I voted in favor of the Senate health insurance reform bill because I believe the status quo is unacceptable.
People die because they can't afford regular health care. Insurance premiums, already outrageously expensive, are headed through the roof in Alaska and the rest of the country. Medicare, which provides essential care to our seniors, is going broke.
My vote was not an easy one. Friends told me the simple thing was to look at the political map and just vote no. But they know me well, and know I didn't come to Washington to do business as usual. I had the responsibility to dig into the details and improve the bill.
I talked with Alaskans across our state at seven town halls, three roundtables and in countless meetings and conversations. I read the mail and listened to you on the phone. I countered the distorted TV ads targeting myself and other senators.
Some reform opponents have framed this as a muscle-flexing fight over party politics. I disagree. My vote came down to this: the vast majority of reforms in the Senate bill are good policies that, if given a chance, will improve the lives of Alaskans.
This leads me back to the status quo. During this decade, health insurance costs for Alaska families increased five times faster than wages. If we do nothing, they will double again in a few years to about $24,000 - that's 40 percent of the average family budget.
Health care currently eats up one-sixth of the U.S. economy. If we fail to act, by the time my 7-year-old son has his own family, it will consume one-third of all spending. America is struggling now to compete in the global marketplace. It won't get better unless we lower health costs.
For Medicare, reform means stability. I believe my mother, my aunts and other Alaskans on Medicare think that's a very good thing. One of the biggest lies is that Senate Democrats planned to cut Medicare.
The truth is the Senate reform bill protects the same level of basic Medicare benefits offered to seniors today. According to the non-partisan Congressional Budget Office, reform will extend the solvency of the Medicare trust fund by an additional 10 years.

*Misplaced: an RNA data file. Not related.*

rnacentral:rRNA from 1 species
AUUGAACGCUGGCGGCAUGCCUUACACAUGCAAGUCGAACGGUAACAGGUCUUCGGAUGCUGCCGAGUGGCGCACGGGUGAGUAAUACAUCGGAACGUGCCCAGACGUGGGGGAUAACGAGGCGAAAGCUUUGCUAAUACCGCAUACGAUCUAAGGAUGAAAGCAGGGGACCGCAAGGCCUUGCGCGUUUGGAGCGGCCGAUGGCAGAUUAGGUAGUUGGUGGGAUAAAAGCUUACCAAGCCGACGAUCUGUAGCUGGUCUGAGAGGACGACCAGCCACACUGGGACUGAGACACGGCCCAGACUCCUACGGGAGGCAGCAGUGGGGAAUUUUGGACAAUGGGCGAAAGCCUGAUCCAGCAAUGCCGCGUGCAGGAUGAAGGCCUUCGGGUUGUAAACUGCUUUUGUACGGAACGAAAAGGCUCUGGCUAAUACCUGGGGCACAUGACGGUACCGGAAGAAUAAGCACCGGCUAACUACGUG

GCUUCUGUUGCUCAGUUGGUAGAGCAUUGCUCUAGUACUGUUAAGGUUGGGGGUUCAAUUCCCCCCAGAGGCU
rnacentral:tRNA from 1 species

I made it clear I would not support a bill that didn't scale back health costs. I joined other freshmen Democrats in writing a widely praised cost containment amendment that will save hundreds of millions of dollars.
The CBO projects the overall legislation will cut the deficit by $132 billion during the first decade after enactment and more than $1 trillion in the second. Cost containment means savings for Medicare, Medicaid, the Indian Health Service and veterans care, which really means savings to taxpayers.
Most important, for some Americans this is a matter of life and death. Lost in the mudslinging is the fact that an estimated 45,000 of our friends and neighbors die each year for lack of medical care. I cannot stand by idly while this is happening.
I challenged the big drug companies and the insurance industry. I supported reform that reduces prescription drug costs, ends denials for pre-existing conditions and prohibits cancellation of policies.
In Medicare, I worked to add more primary care providers to the system and backed a 10 percent payment bonus. About 10,000 Alaska seniors in the "doughnut hole" will see lower prescription drug costs.
The bill extends health coverage to 31 million currently uninsured Americans, including most of the 133,000 Alaskans who report no insurance. More than 52,000 Alaskans could qualify for tax credits to help them afford coverage - for single people earning up to $54,144, and for families of four making up to $110,304.
I pushed a common-sense approach that recognizes we can't slow medical costs until we do more to promote good health and prevent the toll of chronic diseases.
I insisted on protections and tax relief for small business. Businesses with 50 or fewer employees are exempt from mandates, but some 8,600 small Alaska companies could be helped by a tax credit if they choose to offer insurance.
Reform also improves access to health care for military veterans and Alaska Natives.
The legislation builds reform over several years, but there are many immediate benefits. Parents' insurance will cover adult children until age 26. Children younger than 19 no longer will be denied coverage because of a pre-existing condition. Retirees ages 55-64 will be eligible for affordable coverage before entering Medicare. No longer will insurers be able to rescind coverage if a policyholder gets sick.
I read the legislation, worked to improve it, stuck to the facts and listened to and participated in the long debate. Then, as 2009 drew toward its close, I voted yes for a bill I firmly believe will save people's lives, cut health care costs and protect Medicare.
Mark Begich is a Democratic U.S. senator from Alaska.